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The Hamlet : Commedia dell' Arte style

Michael Alaimo and his company - 1964

Year: 1964, 28 mins
Code: CAT-Comm

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"Commedia dell' Arte" - a 16th century Italian dramatic genre - was well known in Shakespeare's England. Masked actors improvised on familiar plots and worked familiar characters into comedic versions of serious stories. It was part farce, part deconstruction, part social commentary.

The technique has been used here on scenes from Shakespeare's "Hamlet". It focuses the relationships in the play through a new and unexpected lens. Here Michael Alaimo and his group perform several scenes from "Hamlet" in "Commedia dell'arte" style: his advice to the players, the encounter with his father's ghost (in a tasseled night cap to indicate residence in the nether world), the "to be or not to be" soliloquy (but done in pantomime), his confrontation with his mother, and Ophelia's "mad scene" (which ends in everyone singing a bawdy song.)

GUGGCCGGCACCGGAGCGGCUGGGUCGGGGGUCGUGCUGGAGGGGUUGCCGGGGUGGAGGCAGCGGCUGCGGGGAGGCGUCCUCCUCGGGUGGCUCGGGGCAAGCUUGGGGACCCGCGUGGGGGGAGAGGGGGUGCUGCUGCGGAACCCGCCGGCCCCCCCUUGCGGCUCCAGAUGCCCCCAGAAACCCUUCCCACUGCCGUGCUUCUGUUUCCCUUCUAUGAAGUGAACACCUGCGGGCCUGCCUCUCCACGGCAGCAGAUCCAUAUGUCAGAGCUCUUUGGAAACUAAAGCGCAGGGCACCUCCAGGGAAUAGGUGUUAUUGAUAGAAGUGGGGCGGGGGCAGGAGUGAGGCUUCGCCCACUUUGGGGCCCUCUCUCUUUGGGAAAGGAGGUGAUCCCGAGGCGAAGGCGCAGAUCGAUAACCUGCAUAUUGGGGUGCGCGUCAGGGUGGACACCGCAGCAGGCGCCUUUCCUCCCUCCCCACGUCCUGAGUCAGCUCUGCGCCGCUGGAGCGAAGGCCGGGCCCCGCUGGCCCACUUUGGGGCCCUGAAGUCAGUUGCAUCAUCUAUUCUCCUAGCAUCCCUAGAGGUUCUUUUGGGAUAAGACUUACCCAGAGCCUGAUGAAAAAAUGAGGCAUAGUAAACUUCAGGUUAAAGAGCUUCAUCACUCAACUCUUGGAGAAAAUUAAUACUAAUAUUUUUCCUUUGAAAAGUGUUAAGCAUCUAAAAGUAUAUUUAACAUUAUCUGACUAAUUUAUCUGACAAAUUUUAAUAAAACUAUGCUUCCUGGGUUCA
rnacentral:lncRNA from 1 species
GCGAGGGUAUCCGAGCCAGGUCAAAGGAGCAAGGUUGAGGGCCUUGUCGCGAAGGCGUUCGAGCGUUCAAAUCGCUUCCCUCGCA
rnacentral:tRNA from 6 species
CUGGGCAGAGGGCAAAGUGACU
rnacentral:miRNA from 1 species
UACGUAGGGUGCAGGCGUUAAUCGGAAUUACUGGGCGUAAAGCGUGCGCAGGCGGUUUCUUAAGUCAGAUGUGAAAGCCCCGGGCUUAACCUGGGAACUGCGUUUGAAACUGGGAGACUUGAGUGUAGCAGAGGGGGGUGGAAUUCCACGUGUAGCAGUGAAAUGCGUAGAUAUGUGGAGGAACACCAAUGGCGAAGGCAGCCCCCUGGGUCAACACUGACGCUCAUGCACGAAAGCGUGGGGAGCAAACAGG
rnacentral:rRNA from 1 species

This early example of television experimentation was rescued from a film copy, and does not come up to present day technical standards. Black and White

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